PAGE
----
FIP= [HR*13 + (BB+HBP-IBB)*3-K*2]/IP
FIP stands for Fielding Independent Pitching, and was developed tangotiger. FIP is designed to remove some of the extraneous factors that factor into a pitcher’s ERA (the quality of the defensive players playing behind him, for example) and give a more accurate representation of the quality of a pitcher. The above formula is added with a league specific factor (typically 3.2) to cause the formula to produce a number in a comparable range to ERA.
Oh, and be sure to watch this video for an awesome explanation of why FIP is better than ERA.
A save is rewarded to a relief pitcher if the following conditions are met (Rule 10.19):
1. He is the finishing pitcher in a game won by his team;
2. He is not the winning pitcher;
3. He is credited with at least ⅓ of an inning pitched; and
4. He satisfies one of the following conditions:
1. He enters the game with a lead of no more than three runs and pitches for at least one inning
2. He enters the game, regardless of the count, with the potential tying run either on base, at bat or on deck
3. He pitches for at least three innings
Jerome Holtzman developed the statistic as a way of determining the worth of a relief pitcher in 1960, and by 1969 the MLB had adopted the rule.
APRO was developed by Total Baseball as a way of comparing players across different years, parks and baseball eras. The stat is based on the ability to compare the stats of a player with those of his counterparts and judge if he excelled those averages.
A player is rewarded a Sacrifice Fly if a baserunner scores immediately proceeding his flyout.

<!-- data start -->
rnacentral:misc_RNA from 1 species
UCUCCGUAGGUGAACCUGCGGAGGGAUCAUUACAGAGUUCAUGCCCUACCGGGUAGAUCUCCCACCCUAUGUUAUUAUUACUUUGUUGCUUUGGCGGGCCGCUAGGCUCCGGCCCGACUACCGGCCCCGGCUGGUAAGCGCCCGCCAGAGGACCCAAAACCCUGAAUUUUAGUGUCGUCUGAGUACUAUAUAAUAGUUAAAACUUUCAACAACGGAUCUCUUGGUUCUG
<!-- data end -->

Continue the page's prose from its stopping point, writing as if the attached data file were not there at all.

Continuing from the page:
Slugging percentage tells you how often a player gets extra base hits. The maximum slugging percentage you can achieve is 4.000. Players who have homered in their first AB have reached this pinnacle, if only for a short time. A player with a SLG of over .500 is considered to be a power hitter.
TA = [(TB + HBP + BB + SB) - CS]/[(AB - H) + CS + GIDP]
Total average was created in the 1970′s by Tim Boswell as a means of evaluating a player’s overall offensive performance. The stat favors players who get on base often and hit more extra base hits.
Games Finished (abbreviated as GF) is a stat given to a relief pitcher if he is the last pitcher for his team in a game. The stat only applies to relief pitchers; a starting pitcher throwing a complete game is not awarded a GF.
Runs created is a statistic designed to figure out how many runs were the result of the action of a player.
Defensive Indifference is when a baserunner advances on the bases without contention from the defense.
SB% = Stolen Bases/(Stolen Bases + Caught Stealing)
A player’s Stolen Base Percentage is the percentage he successfully steals a base, compared with the total number of attempts. A high Stolen Base Percentage is crucial for any player who wants to make his speed a useful tool to his team. A percentage above 66% is considered good.